Claire is looking on the bright side and appreciating the good, learning experiences she is having. She was a little homesick this week, but is feeling better now. Thanks to all of you who emailed her last week. I know she truly appreciates and feels your support. --Shireen
Floods of Blessings
This week we were blessed. And also flooded. I'm going to focus more on the latter for right now. Because while I was showering one morning, I apparently didn't entirely close our little German shower curtain that hangs from the ceiling. Which resulted in water flooding our bathroom and study room. After realizing my mistake and the resulting detrimental consequences, I frantically began brainstorming ways to resolve the excess of water everywhere. After ruling out vacuuming up the water, I proceeded to employ every absorbent thing in our Wohnung (that is your German word of the day—use context clues) to soak up water and ring it out in the bathtub. I therefore succeeded in drying the unwanted floods from our fourth story Wohnung in a little under 30 minutes. I have included a picture for your viewing enjoyment; please note that floors should not reflect windows #newmissionaryproblems
The rest of this week was good and less...wet. Though probably not as exciting. Most of you know that I adore history. Possibly too much. But I was thinking about Romanticism this week and connecting it with missionary work because Romanticism portrays the common as sacred. And every day, we walk around and talk to people and visit people and tell them the same thing: that common men are really children of God. People have so many sacred experiences, but see them as trite and bane because their eyes are trained to see normalcy. I know that life is more than common though.
As I think about history, I'm also a part of history! As is everyone. But it is a great time to be a missionary. We believe that we are led by a living prophet and apostles today, just as in biblical times, and twice a year we have the opportunity to hear from them through a broadcasted conference. This past weekend was one of those times and it was fabulous. Since Germany is eight hours ahead of Mountain Standard Time, we watched them in the evening at our church. If you care to listen or read any of the talks given, you can check them out here. http://www.lds.org/general-conference/sessions/2013/04?lang=eng
You can also change the language if you want to go for German. I know I give you that option a lot, but it's only because I'm a good teacher. And by teacher, I mean someone who thinks people should practice their German.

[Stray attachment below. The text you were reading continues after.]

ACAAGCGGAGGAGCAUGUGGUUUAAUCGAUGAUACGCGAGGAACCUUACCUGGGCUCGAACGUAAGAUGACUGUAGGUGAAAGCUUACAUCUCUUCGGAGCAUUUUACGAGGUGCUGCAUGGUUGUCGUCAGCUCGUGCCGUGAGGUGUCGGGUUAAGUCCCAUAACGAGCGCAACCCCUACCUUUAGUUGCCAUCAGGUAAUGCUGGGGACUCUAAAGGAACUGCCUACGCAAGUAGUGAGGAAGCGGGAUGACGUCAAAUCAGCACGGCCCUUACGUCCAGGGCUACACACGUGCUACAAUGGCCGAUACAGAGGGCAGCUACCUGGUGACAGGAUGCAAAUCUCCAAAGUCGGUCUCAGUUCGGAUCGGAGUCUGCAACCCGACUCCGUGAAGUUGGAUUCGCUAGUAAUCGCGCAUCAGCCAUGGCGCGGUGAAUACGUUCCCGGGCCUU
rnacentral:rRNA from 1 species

The sum of those thoughts really are just this: I am one of 65,000 LDS missionaries serving around the world, with thousands more on the way. Adding goodness and light to millions of lives through Jesus Christ. Yes.
Das Wunder der Woche
So one of our investigators is the famous Francesco's mother, Frau Assisi. She's an artist and grew up in Switzerland, but had a really hard childhood. A few years ago, she went into a coma and when she woke up, she couldn't remember very much from her former life, which, as her husband told us, is probably a good thing. But it also makes learning new things hard and remembering what we teach her. It's a slow process, but it is progress and she loves coming to church and learning from us.
Anyways, Herr Assisi was really against Francesco getting baptized when the sister missionaries were teaching him several months ago. However, as he saw how happy the Gospel made Francesco and how much the missionaries and ward members cared about his son, he let Francesco get baptized. And as we taught Frau Assisi this week about how we can talk to God through prayer, he came in and told us that though he wasn't a part of us, he knew we were good people and he respected us. He was very impressed with how we lived, taught, and served. Which is a real miracle seeing as he once forbade his son from meeting with us. Hurray for changing hearts!
When I return home, I would like to request never to be fed creamed spinach. Ever again. Just throwing that out there. See picture. (Claire has always had a problem with mushy textures in food. When she was little we let her pick one food a year that she never had to eat, and she always chose mashed potatoes. I imagine creamed spinach had a similar gagging effect on her, and would have loved to see her face as she politely ate it!)
Quote of the week
Sister Diederich went to buy makeup this week and the lady who was helping her asked about where we were from (our lack of makeup vocab gave us away) and what we were doing here.
Sister Diederich: "We're missionaries for our church. We're here for 18 months and teach people about what we believe."
Makeup lady: "Oh. Do your parents think that's weird?"
At least I don't think they do. Mom, Dad, is it weird? :)
My German is still coming along. Sometimes the message (and verb) of what I'm trying to say gets lost in subordinating conjunctions, so I've been trying to simplify my sentences. The Gospel is simple and true, so our speech should be too. Plus it's really important to have verbs in your sentences because faith requires action! Adjectives and nouns are nice, but it is important to act to gain a testimony or get answers or get through school!
Simply said, the Book of Mormon is true. The life of a missionary is great and awkward. Man, after that spiel on verbs, I just used two weak ones. Be strong regardless.
Sister Claire Michelle Woodward